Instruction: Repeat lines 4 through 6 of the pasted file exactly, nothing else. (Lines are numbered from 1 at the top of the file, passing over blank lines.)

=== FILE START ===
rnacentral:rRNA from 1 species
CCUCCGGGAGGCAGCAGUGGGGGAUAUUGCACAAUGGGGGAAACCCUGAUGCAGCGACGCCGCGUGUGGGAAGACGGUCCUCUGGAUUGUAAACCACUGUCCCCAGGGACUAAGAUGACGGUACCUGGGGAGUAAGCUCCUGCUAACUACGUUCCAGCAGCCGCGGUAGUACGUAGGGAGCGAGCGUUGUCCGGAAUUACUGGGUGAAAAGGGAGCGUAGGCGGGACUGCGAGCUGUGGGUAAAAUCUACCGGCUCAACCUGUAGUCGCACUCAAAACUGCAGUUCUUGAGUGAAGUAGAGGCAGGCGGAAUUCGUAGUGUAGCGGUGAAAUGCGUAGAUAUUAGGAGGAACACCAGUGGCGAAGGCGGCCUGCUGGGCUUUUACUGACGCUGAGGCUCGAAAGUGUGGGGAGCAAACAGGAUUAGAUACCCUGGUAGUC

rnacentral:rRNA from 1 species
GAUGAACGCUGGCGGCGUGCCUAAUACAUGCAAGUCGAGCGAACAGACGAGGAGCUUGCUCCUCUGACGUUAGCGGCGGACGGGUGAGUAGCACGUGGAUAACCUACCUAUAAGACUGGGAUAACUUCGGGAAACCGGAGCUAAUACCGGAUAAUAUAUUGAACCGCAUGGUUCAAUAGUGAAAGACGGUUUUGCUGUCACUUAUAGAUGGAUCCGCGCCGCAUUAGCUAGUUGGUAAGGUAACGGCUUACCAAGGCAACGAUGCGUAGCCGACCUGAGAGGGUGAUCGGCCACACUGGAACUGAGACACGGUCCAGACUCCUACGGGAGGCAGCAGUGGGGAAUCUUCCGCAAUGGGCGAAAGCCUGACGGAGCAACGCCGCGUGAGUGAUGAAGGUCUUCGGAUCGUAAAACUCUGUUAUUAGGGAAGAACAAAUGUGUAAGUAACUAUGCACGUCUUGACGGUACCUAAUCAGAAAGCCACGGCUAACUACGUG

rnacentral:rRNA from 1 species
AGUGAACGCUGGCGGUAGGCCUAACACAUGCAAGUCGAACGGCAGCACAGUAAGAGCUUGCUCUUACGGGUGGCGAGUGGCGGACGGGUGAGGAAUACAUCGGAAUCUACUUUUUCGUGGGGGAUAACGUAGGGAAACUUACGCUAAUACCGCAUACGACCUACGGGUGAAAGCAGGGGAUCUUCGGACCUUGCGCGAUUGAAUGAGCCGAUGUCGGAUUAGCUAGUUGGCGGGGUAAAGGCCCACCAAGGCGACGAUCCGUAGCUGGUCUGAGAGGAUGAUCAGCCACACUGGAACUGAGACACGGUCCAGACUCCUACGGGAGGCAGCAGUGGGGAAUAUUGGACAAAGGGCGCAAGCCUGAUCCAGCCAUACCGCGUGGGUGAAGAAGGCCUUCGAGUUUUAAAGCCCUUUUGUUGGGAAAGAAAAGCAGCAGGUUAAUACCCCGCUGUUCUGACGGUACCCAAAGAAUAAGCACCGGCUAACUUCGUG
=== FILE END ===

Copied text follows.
GAUGAACGCUGGCGGCGUGCCUAAUACAUGCAAGUCGAGCGAACAGACGAGGAGCUUGCUCCUCUGACGUUAGCGGCGGACGGGUGAGUAGCACGUGGAUAACCUACCUAUAAGACUGGGAUAACUUCGGGAAACCGGAGCUAAUACCGGAUAAUAUAUUGAACCGCAUGGUUCAAUAGUGAAAGACGGUUUUGCUGUCACUUAUAGAUGGAUCCGCGCCGCAUUAGCUAGUUGGUAAGGUAACGGCUUACCAAGGCAACGAUGCGUAGCCGACCUGAGAGGGUGAUCGGCCACACUGGAACUGAGACACGGUCCAGACUCCUACGGGAGGCAGCAGUGGGGAAUCUUCCGCAAUGGGCGAAAGCCUGACGGAGCAACGCCGCGUGAGUGAUGAAGGUCUUCGGAUCGUAAAACUCUGUUAUUAGGGAAGAACAAAUGUGUAAGUAACUAUGCACGUCUUGACGGUACCUAAUCAGAAAGCCACGGCUAACUACGUG

rnacentral:rRNA from 1 species
AGUGAACGCUGGCGGUAGGCCUAACACAUGCAAGUCGAACGGCAGCACAGUAAGAGCUUGCUCUUACGGGUGGCGAGUGGCGGACGGGUGAGGAAUACAUCGGAAUCUACUUUUUCGUGGGGGAUAACGUAGGGAAACUUACGCUAAUACCGCAUACGACCUACGGGUGAAAGCAGGGGAUCUUCGGACCUUGCGCGAUUGAAUGAGCCGAUGUCGGAUUAGCUAGUUGGCGGGGUAAAGGCCCACCAAGGCGACGAUCCGUAGCUGGUCUGAGAGGAUGAUCAGCCACACUGGAACUGAGACACGGUCCAGACUCCUACGGGAGGCAGCAGUGGGGAAUAUUGGACAAAGGGCGCAAGCCUGAUCCAGCCAUACCGCGUGGGUGAAGAAGGCCUUCGAGUUUUAAAGCCCUUUUGUUGGGAAAGAAAAGCAGCAGGUUAAUACCCCGCUGUUCUGACGGUACCCAAAGAAUAAGCACCGGCUAACUUCGUG